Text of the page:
Twitter C.E.O. is to donate $3.5 million to the Guaranteed Income Pilot of San Francisco
"Our artists make San Francisco special and bring so much life and energy to our city. The arts are truly critical to our local economy and are an essential part of our long-term recovery. If we help the arts recover, the arts will help San Francisco recover."
Jack Dorsey, Twitter C.E.O., has donated to San Francisco’s experimental program offering $1,000 guaranteed income for artists. He offered $3.5 million through his charity #StartSmall.
The basic income program by Yerba Buena Centre for the Arts – announced by Major London Breed – is part of San Francisco’s recovery plan. The original plan was that 130 artists would receive $1,000 per month for six months, but the organization extended it to 1.5 years, and 180 artists thanks to the donation.
The emphasis is on communities affected the most by the pandemic, including Latinx, Black, Asian, Indigenous, immigrant, disabled, and LGBTQ artists. The Yerba Buena Center will collaborate with five other arts and culture organizations in the city to select the applicants who receive the payment.
As the major stated: “From the first day the pandemic arrived in San Francisco, we knew that this health crisis would impact artists and artists of color in particular. Our artists make San Francisco special and bring so much life and energy to our city. The arts are truly critical to our local economy and are an essential part of our long-term recovery. If we help the arts recover, the arts will help San Francisco recover. This new program is an innovative effort to help our creative sector get through this challenging time and come back even stronger and more resilient than before.”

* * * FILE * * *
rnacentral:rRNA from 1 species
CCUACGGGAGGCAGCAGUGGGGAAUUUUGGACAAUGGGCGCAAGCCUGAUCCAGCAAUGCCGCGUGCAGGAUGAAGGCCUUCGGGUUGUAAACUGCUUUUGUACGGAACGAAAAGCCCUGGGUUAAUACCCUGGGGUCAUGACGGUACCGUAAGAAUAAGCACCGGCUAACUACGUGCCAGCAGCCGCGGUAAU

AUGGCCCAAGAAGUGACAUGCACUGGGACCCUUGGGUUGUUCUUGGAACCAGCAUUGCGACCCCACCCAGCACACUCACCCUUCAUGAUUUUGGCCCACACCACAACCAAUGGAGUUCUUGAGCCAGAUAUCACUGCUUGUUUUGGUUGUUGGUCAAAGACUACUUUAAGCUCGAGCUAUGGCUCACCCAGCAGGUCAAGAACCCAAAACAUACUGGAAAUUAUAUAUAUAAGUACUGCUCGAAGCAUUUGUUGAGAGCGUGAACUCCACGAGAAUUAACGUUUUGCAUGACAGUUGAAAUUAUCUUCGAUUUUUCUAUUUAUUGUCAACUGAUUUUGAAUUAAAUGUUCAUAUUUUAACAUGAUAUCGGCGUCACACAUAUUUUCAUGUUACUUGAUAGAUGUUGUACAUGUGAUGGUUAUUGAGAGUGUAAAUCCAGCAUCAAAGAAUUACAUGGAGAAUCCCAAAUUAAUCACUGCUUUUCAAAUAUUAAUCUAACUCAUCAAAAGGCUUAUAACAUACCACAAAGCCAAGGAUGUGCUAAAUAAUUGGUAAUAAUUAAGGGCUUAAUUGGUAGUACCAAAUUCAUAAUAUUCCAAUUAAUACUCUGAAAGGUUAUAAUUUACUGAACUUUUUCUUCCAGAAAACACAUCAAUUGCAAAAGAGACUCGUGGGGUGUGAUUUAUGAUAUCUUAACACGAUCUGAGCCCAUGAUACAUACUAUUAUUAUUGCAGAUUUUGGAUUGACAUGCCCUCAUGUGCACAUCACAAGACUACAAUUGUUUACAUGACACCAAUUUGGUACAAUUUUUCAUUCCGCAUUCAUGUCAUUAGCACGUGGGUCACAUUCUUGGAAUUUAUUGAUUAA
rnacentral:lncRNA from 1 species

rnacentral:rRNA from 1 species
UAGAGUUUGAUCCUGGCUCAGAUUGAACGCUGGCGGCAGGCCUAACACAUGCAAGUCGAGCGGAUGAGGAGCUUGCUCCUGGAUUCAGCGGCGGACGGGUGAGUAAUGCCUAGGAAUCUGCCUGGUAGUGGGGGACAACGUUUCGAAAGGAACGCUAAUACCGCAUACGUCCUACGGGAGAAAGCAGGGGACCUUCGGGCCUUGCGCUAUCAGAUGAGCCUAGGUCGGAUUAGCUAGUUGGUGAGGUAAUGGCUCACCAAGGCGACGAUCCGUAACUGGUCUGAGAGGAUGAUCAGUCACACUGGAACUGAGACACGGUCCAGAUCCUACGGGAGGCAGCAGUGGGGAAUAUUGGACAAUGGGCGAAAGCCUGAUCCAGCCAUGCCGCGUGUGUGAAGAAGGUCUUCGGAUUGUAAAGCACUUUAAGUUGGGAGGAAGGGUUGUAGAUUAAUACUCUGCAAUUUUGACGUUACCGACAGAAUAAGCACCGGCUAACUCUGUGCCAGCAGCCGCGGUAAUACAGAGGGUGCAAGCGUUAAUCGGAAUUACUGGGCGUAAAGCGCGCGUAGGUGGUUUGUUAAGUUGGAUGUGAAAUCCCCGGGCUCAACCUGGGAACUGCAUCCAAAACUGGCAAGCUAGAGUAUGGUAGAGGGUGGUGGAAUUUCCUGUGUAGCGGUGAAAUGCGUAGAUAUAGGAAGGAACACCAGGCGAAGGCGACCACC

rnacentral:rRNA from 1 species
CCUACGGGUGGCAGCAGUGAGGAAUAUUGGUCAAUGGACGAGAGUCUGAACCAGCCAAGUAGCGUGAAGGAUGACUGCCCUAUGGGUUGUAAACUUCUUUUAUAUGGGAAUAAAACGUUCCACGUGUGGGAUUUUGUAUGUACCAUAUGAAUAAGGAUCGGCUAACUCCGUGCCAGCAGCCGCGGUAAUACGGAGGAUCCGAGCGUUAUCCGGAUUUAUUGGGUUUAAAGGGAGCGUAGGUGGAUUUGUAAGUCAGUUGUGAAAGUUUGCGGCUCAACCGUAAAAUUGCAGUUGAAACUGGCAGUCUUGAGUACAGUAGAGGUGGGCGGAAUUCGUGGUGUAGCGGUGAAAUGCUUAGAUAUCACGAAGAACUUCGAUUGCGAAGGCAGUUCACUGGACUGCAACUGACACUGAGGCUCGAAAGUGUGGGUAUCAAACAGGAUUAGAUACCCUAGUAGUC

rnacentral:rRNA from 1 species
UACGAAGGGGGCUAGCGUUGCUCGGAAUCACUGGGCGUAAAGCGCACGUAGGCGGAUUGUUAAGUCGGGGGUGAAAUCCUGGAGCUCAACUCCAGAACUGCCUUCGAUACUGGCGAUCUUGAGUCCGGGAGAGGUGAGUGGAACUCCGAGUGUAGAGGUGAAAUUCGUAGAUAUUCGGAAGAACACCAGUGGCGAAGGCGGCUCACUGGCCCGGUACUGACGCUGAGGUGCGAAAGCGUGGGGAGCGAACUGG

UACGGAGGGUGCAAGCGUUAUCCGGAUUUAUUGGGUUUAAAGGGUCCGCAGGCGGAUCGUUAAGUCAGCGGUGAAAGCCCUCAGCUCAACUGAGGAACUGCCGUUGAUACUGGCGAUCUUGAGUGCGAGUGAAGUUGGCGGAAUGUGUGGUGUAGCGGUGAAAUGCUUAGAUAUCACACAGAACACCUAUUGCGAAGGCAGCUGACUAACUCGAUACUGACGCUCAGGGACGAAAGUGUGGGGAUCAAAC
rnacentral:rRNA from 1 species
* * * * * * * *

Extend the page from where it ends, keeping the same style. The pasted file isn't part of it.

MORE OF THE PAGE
“To know that we have the confidence of #StartSmall to be able to truly pilot this, to grow from the six-month pilot the city has funded to an 18-month pilot, to be able to deepen the learnings and also to be able to add artists, is truly extraordinary,” – said Deborah Cullinan, Buena C.E.O. about the expanded program.
Source: Twitter @ybca
The program is an extension of the center’s “commitment to advancing new economic models that address systemic racism and inequity and historic financial instability in the arts sector,” – she said in s statement. “The learnings from this expanded pilot will ensure that we can pave the way for local, state, and national policies and models that are equitable and resilient.”
The conditions for applying to the program included living in one of the 13 zip codes identified as the most affected during the lockdown and earning less than $60,900 a year. 95% of the recipients are persons of color, immigrants, LGBTQ, or disabled.
The #StartSmall organization has distributed around $380 million to date. Dorsey announced his plan at the beginning of the pandemic to give away $1.5 billion of his own wealth to support important causes. The list of grantees and amounts is here. He focuses on UBI (universal basic income), COVID-19 relief, and girls’ health and education, as he thinks these represent "the best long-term solutions to the existential problems facing the world."
The Guaranteed Income Pilot for artists perfectly fits #StartSmall’s goals, as it both addresses COVID recovery and UBI.
As YBCA writes about the art sector on their website, proving the importance of the pilot “San Francisco’s arts and culture sector generated $1.45 billion in annual economic activity while supporting nearly 40,000 full-time jobs pre-COVID. Artists are the heartbeat of our cultural and civic life. While they have worked tirelessly over the last year, artists, cultural workers, and makers, particularly those from historically marginalized communities, have faced the most disparaging financial impacts resulting from the COVID-19 pandemic. These impacts are unsustainable, so we at YBCA are stepping up to build structures of economic support for our artists, our city, our people.”
Source of the cover photo: ybca.org
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